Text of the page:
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Shine a light on your innovative products or services shaping the future of the cannabis industry.

Finding a Better Way: Sustainable Leadership Awards

What does sustainability mean to you?

For Cannabis & Tech Today, it means fostering an industry that will thrive while preserving the natural resources necessary for continued growth.

For 2020’s Sustainable Leadership Awards, we chose three applicants setting the standard for sustainable energy consumption, packaging, and stewardship.

Graham Farrar, president and chief cannabis officer for Glass House Group, discusses why environmental stewardship is central to his company’s mission.

Brain Domann, sales and marketing director for Humidi shares solutions to the industry’s packaging problem.

And Derek Gould, director of marketing and communications for Solar Therapeutics invites you to join him in creating a more eco-friendly future.

In this special feature, we’ll shine a spotlight on how they’re leading the charge, what’s most important to them, and how all companies, big or small, can work toward more sustainable operations.

Glass House Group President and Chief Cannabis Officer: Graham Farrar

Cannabis & Tech Today: What is Glass House Group’s approach to sustainability?

Graham Farrar. Photo courtesy of Glass House Group.

Graham Farrar: We try to really advocate for this low-touch agricultural approach we practice.

Cannabis in agriculture is a bit of an outlier, in that it’s a highly-regulated business with a lot of friction, a lot of costs, but you’re not in the single-digit margin percentage like a lot of ag is — where they’re really struggling to stay alive — which allows us to do things like invest in using beneficial insects instead of pesticides.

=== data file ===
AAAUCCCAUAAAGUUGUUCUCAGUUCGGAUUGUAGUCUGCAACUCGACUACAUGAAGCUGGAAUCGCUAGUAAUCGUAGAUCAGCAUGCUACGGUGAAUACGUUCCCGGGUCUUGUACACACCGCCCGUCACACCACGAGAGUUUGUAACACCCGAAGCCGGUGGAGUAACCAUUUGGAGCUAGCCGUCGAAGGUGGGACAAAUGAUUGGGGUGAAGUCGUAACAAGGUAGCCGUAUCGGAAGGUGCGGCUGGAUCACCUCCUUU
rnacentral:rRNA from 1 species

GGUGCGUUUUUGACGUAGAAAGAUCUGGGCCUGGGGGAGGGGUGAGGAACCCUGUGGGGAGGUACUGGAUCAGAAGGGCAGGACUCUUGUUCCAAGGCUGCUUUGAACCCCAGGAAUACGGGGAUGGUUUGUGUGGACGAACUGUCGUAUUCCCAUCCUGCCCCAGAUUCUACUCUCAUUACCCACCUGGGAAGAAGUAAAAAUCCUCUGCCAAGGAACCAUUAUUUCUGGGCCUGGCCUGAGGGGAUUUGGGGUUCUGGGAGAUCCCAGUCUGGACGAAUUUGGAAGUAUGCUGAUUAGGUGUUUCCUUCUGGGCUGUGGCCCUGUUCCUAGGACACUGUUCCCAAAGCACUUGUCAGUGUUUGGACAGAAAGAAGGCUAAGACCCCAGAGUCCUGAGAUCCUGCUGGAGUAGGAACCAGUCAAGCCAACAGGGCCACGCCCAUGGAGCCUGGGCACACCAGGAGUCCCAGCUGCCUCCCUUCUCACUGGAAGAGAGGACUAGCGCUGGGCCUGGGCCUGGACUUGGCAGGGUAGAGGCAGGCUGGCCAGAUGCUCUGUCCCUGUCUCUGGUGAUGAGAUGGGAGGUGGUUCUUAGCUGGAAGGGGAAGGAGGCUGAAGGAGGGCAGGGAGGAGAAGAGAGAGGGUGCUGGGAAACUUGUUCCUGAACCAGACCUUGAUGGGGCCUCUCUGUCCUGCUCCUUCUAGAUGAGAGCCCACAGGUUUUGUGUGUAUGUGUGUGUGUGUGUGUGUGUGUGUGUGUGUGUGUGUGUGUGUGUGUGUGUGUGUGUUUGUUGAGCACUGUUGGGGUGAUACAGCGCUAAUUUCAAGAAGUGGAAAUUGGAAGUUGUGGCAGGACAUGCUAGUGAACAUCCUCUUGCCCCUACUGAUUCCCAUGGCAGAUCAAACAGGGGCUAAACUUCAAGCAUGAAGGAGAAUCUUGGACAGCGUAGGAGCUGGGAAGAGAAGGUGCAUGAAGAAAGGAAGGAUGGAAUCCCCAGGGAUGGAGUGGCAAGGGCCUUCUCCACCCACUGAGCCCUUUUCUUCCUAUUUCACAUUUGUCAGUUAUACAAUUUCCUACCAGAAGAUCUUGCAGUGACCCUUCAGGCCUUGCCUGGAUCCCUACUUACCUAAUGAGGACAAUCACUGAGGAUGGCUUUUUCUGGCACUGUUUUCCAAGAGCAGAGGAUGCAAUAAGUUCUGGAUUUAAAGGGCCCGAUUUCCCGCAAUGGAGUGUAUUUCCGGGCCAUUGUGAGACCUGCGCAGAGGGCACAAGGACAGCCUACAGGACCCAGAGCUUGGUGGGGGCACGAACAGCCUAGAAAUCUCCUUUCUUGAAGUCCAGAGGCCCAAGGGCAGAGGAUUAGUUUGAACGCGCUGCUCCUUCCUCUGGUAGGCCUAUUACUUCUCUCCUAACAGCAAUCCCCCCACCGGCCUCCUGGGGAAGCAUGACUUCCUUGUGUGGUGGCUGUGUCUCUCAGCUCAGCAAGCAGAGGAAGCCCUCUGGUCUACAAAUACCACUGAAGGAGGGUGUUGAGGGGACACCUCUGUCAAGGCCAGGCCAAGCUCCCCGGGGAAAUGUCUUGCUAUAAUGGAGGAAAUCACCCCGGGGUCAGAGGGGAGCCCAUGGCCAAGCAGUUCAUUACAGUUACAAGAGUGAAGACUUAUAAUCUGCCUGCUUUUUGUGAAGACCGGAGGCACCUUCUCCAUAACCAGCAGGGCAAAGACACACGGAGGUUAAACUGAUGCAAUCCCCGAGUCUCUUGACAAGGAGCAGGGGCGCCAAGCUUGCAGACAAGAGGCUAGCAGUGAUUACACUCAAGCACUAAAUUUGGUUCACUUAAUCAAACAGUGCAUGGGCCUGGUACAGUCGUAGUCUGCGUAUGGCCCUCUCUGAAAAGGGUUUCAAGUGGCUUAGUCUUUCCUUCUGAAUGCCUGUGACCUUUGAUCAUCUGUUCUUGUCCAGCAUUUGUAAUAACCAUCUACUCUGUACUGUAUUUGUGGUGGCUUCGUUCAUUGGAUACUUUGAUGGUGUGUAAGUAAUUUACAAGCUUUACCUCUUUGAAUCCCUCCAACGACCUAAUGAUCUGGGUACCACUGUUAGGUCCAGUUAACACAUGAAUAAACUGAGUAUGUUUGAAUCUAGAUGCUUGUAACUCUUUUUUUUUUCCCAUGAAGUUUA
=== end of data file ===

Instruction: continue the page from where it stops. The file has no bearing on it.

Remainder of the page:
There’s a positive circle that starts with that, which is, if we spend twenty grand a month with the beneficial insect’s guys, and then some other companies do, and then the [insect company] can scale up.

As they get bigger, the price comes down, and then maybe now it’s available to the tomato guys because they can afford it now — and then the tomato [industry] is 1000 times bigger than cannabis.

So if that industry can take even just a little bit, the size of it makes it that much bigger, and then the insect’s price comes down and then more people can get access to it.

So you can start this virtuous cycle. I think cannabis can help blaze that path for the rest of agriculture, which will end up making a lot more difference than we do.

Humidi Sales and Marketing Director: Brian Domann

Brian Domann. Photo courtesy of Humidi.

C&T Today: How is Humidi helping tackle some of the industry’s environmental issues?

Brian Domann: What we really sought for and our ultimate goal has always been, how can we have a net positive impact on the environment?

And while we initially wanted to incorporate hemp into our packaging, we also really needed to have a strong product that would be durable and have the shelf life of a traditional product and provide that same protection, integrity for the cannabis, or any of the products that are stored in our packaging.

And that’s why, ultimately, we went with canola-based bio plant materials.

It is the only product on the market that can be fully compostable in a home compost heap.

There are no microplastics leftover and the product will act as a food source for bacteria that are naturally occurring in the soil.